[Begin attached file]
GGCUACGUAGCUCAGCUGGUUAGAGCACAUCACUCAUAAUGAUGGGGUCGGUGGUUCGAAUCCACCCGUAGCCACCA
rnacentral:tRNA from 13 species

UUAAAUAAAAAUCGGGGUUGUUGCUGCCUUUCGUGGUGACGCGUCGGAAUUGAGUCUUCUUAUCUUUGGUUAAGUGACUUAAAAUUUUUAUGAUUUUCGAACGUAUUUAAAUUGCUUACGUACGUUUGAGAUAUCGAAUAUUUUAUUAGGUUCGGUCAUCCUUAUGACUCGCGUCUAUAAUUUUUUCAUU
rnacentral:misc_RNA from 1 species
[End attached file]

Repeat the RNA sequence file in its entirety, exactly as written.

GGCUACGUAGCUCAGCUGGUUAGAGCACAUCACUCAUAAUGAUGGGGUCGGUGGUUCGAAUCCACCCGUAGCCACCA
rnacentral:tRNA from 13 species

UUAAAUAAAAAUCGGGGUUGUUGCUGCCUUUCGUGGUGACGCGUCGGAAUUGAGUCUUCUUAUCUUUGGUUAAGUGACUUAAAAUUUUUAUGAUUUUCGAACGUAUUUAAAUUGCUUACGUACGUUUGAGAUAUCGAAUAUUUUAUUAGGUUCGGUCAUCCUUAUGACUCGCGUCUAUAAUUUUUUCAUU
rnacentral:misc_RNA from 1 species